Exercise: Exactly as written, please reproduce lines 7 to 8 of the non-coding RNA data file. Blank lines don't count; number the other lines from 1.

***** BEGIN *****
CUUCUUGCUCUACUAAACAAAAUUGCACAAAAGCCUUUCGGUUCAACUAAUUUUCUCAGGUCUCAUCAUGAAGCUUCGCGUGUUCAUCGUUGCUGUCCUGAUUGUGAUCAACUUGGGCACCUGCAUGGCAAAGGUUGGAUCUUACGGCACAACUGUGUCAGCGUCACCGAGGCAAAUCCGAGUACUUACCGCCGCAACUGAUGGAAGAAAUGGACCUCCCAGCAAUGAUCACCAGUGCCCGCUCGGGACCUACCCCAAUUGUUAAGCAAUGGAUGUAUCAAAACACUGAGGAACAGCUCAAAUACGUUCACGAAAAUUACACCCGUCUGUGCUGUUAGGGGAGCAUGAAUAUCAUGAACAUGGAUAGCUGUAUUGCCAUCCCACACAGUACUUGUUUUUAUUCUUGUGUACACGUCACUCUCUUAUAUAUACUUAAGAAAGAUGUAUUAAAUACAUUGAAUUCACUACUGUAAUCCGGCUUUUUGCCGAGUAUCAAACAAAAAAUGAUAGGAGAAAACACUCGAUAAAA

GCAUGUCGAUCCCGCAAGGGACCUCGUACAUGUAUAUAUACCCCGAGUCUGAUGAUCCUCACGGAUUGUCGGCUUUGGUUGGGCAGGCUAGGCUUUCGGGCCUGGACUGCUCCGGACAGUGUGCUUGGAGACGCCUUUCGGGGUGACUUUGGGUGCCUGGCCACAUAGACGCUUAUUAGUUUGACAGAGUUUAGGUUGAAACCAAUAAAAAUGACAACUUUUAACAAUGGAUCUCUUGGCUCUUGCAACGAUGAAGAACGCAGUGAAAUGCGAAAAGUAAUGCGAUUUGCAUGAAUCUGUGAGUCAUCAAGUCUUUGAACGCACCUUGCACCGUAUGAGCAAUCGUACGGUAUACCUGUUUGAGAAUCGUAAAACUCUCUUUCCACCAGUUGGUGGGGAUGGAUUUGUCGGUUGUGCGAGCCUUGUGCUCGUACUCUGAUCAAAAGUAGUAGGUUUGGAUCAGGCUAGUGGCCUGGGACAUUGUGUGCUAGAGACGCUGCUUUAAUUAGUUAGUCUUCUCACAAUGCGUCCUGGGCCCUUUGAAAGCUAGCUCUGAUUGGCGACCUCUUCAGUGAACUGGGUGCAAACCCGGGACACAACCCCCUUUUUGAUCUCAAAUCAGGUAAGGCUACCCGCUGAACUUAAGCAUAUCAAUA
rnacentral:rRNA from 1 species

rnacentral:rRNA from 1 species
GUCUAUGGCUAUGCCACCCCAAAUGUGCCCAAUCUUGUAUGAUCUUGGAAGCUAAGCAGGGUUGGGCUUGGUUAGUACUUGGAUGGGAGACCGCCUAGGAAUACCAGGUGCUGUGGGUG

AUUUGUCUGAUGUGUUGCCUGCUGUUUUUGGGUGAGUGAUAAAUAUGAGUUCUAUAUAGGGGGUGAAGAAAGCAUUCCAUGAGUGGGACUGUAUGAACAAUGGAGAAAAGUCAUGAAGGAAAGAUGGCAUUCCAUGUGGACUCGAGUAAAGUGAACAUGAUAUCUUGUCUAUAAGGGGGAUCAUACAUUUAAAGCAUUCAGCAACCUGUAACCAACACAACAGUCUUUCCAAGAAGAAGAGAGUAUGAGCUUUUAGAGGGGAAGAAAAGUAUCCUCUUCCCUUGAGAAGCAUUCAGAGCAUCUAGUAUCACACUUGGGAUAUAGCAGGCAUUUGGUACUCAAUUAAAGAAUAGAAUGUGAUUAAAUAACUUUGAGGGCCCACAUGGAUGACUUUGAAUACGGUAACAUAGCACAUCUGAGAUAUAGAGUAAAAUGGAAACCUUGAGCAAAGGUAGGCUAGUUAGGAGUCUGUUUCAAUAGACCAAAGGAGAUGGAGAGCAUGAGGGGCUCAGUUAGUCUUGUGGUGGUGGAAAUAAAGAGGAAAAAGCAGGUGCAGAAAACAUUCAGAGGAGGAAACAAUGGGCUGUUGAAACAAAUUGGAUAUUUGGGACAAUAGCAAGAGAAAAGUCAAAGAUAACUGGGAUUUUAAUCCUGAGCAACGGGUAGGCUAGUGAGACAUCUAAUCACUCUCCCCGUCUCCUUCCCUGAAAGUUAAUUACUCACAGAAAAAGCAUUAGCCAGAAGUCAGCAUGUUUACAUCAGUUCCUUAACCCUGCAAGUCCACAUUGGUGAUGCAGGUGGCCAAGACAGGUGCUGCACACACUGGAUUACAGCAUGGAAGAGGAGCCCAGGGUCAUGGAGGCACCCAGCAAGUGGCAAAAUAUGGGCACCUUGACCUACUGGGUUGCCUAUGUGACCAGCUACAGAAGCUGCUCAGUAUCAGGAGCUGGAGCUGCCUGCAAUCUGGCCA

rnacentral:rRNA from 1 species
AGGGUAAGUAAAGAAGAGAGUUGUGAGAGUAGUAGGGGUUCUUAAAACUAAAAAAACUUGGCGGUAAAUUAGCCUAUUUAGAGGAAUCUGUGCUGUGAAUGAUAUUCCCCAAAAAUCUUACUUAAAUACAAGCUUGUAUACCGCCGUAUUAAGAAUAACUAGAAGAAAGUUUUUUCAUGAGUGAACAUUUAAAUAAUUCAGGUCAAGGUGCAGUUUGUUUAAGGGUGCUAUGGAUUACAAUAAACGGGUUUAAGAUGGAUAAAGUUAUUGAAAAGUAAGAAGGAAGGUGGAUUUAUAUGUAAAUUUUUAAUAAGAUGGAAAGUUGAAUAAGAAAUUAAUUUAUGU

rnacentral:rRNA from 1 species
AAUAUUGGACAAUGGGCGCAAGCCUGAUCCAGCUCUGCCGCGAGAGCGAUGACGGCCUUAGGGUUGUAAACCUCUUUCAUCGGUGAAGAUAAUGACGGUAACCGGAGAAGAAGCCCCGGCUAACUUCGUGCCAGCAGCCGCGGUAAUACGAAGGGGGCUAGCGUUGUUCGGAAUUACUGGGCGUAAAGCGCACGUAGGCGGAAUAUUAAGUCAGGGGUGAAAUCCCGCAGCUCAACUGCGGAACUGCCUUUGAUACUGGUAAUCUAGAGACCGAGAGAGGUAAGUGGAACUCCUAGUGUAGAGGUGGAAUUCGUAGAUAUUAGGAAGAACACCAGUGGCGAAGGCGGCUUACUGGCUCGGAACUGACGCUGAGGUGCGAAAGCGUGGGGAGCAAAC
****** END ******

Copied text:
rnacentral:rRNA from 1 species
AGGGUAAGUAAAGAAGAGAGUUGUGAGAGUAGUAGGGGUUCUUAAAACUAAAAAAACUUGGCGGUAAAUUAGCCUAUUUAGAGGAAUCUGUGCUGUGAAUGAUAUUCCCCAAAAAUCUUACUUAAAUACAAGCUUGUAUACCGCCGUAUUAAGAAUAACUAGAAGAAAGUUUUUUCAUGAGUGAACAUUUAAAUAAUUCAGGUCAAGGUGCAGUUUGUUUAAGGGUGCUAUGGAUUACAAUAAACGGGUUUAAGAUGGAUAAAGUUAUUGAAAAGUAAGAAGGAAGGUGGAUUUAUAUGUAAAUUUUUAAUAAGAUGGAAAGUUGAAUAAGAAAUUAAUUUAUGU